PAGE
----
In recent weeks seven Connecticut news organizations have gotten together in what they have called the Cities Project, examining ways of reviving the state's struggling cities. Much of the reporting has been about raising revenue -- extracting more financial aid from state government; applying property taxes to colleges, hospitals and other nonprofits; allowing cities to impose a sales tax on restaurant meals; and so forth.
It's tedious. For giving cities a lot more money has been state government policy for more than 40 years, ever since the state Supreme Court's decision in the school financing case of Horton v. Meskill, in 1977.
State government now covers half of city government budgets. Last year this policy exploded into extravagant incoherence when the General Assembly more or less accidentally authorized state government to assume more than $500 million in Hartford's long-term bonded debt. This rewarded and reimbursed the city for spending $80 million, despite its insolvency, to build a baseball stadium with which it stole the minor-league team of another struggling city, New Britain.
Better journalism might explore why so little about urban policy in Connecticut has worked since the cities began declining in the 1960s. Despite spending ever more money from both their own tax bases and the state's, the cities are poorer and more dysfunctional, incompetent and corrupt than ever, and their demographics are so desperate that they are hardly capable of self-government, lacking enough of a politically engaged and independent middle class to fend off the government and welfare classes, whose own furious political engagement guarantees their incomes.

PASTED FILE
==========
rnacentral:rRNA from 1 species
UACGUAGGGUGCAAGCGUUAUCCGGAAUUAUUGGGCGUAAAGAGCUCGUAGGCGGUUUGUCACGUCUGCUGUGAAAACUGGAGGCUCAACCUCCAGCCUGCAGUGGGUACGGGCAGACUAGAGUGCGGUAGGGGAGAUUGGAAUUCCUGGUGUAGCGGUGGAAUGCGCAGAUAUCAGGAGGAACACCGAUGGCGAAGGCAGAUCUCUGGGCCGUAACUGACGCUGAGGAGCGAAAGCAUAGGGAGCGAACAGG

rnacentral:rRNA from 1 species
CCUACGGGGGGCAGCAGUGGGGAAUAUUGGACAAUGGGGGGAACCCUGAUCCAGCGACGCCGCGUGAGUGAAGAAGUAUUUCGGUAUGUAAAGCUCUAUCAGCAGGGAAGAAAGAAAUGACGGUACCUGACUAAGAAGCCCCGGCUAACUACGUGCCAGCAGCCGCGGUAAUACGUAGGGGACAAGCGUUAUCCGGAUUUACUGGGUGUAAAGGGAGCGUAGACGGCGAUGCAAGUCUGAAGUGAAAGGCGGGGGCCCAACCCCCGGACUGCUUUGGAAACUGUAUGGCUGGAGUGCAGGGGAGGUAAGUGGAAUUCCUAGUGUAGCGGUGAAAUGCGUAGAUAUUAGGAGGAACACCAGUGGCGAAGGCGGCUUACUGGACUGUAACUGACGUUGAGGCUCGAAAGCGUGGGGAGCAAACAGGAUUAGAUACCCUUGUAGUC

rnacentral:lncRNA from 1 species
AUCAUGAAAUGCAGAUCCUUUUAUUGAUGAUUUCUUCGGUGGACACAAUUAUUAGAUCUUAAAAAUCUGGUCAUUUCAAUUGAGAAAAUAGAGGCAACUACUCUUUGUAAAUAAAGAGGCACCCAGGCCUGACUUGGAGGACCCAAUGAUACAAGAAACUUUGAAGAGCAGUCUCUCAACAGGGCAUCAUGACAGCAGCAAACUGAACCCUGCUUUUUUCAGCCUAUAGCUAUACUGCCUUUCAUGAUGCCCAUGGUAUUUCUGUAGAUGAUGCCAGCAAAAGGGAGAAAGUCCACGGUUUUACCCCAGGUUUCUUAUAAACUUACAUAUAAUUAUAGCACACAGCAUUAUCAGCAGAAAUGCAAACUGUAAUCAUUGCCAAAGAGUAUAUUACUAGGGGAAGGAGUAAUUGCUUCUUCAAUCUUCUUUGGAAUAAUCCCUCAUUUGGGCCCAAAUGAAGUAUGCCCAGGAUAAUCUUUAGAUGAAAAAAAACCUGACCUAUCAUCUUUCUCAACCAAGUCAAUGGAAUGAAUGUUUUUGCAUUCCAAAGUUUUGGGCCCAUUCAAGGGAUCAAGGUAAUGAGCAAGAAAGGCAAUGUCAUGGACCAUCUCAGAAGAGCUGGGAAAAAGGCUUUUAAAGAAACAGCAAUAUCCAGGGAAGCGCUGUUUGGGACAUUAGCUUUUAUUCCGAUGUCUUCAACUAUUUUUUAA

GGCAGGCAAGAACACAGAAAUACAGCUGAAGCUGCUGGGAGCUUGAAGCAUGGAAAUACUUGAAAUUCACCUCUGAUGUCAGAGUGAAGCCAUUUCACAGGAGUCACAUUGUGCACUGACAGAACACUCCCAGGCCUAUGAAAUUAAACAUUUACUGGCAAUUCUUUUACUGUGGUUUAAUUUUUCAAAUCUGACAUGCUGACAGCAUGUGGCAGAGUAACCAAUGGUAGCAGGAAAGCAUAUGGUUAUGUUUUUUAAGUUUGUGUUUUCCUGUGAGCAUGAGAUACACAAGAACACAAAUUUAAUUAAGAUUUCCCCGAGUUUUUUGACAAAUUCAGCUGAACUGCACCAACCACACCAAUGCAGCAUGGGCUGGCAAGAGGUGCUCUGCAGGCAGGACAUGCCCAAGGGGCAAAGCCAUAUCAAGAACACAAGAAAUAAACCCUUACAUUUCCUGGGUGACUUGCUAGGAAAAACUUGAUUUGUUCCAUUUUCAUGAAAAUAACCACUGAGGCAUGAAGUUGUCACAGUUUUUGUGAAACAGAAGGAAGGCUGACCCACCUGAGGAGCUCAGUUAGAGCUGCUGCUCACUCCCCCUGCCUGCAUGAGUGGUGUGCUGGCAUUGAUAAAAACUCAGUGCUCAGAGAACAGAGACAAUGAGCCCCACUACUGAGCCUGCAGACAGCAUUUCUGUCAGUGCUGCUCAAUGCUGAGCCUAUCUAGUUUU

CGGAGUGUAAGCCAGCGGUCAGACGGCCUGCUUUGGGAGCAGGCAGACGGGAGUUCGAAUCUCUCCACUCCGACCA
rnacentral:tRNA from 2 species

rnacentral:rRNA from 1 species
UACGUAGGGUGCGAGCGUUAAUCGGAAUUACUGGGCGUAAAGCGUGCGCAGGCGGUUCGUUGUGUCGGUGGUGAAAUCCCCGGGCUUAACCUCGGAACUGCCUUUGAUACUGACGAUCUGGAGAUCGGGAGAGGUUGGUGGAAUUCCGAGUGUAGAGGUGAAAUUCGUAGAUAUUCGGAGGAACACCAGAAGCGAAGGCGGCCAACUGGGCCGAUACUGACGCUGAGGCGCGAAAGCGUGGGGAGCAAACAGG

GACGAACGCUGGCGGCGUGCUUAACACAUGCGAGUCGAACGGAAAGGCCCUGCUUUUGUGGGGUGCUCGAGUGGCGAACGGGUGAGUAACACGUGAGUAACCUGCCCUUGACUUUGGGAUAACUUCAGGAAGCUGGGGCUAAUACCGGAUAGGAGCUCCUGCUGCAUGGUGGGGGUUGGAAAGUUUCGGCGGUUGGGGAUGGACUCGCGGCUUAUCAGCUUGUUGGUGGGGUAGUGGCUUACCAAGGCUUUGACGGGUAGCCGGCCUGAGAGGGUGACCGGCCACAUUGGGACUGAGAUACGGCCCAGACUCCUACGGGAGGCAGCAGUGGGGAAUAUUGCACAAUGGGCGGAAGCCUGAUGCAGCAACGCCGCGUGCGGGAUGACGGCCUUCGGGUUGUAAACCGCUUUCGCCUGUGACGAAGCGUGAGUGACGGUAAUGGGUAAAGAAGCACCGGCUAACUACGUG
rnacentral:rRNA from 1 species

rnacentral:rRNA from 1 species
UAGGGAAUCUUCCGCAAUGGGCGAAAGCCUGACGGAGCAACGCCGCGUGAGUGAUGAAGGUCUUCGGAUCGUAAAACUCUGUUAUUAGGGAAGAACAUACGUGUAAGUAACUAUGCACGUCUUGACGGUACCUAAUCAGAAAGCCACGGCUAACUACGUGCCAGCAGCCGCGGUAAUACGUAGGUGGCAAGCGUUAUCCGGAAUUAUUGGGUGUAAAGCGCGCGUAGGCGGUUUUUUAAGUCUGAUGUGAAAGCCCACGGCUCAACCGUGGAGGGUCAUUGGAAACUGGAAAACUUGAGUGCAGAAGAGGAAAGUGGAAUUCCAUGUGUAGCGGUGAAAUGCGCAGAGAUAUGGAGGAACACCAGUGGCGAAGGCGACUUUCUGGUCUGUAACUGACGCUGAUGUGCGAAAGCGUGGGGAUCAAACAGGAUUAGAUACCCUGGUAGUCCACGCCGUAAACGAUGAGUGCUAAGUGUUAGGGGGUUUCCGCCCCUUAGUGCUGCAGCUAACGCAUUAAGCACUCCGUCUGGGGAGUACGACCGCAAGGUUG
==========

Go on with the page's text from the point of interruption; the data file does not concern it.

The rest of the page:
Better journalism might ask why welfare policy in Connecticut produces only generational dependence and social disintegration, not self-sufficiency. It might ask why Connecticut's education policy in the cities accomplishes mainly social promotion and ignorance. It might ask why government gives priority to the compensation of its own employees. It might ask why the middle class escaping from the cities and the middle class already living in the suburbs should want this chronic failure extended to them through regionalism.
Policy premises here need to be challenged by journalism, not coddled. For why should anyone think that another 40 years of throwing money at what has failed to restore the cities will work someday? And how do the big thinkers who have presided over this disaster get away with considering themselves enlightened instead of culpable?
The tragedy of Connecticut's cities is metaphorically conveyed by a 15-minute video made last September and highlighted the other day by Only in Bridgeport blogger Lennie Grimaldi. The video, made to promote a now-stalled redevelopment proposal for the city's downtown, shows the Greater Bridgeport Symphony Orchestra playing British composer Vaughn Williams' ethereal "The Lark Ascending" in the decrepit former Palace Theater.
The orchestra's performance is magnificent and the video gently contrasts it with the theater's moldy walls and crumbling ceilings, thereby hinting at the Bridgeport that once was and might be again. Amid the frequent shootings in the city, it is hard to imagine, but there it is: a tremendous symphony orchestra with Bridgeport in its name. Within living memory Bridgeport was the industrial capital of Connecticut, but today the factories are empty hulks like the theater.
Great talent and potential remain here but there is only an echo of civic virtue. Weep for it now that government in Connecticut makes sure to succeed only with its own salaries and pensions.
Chris Powell is a columnist for the Journal Inquirer in Manchester, Conn.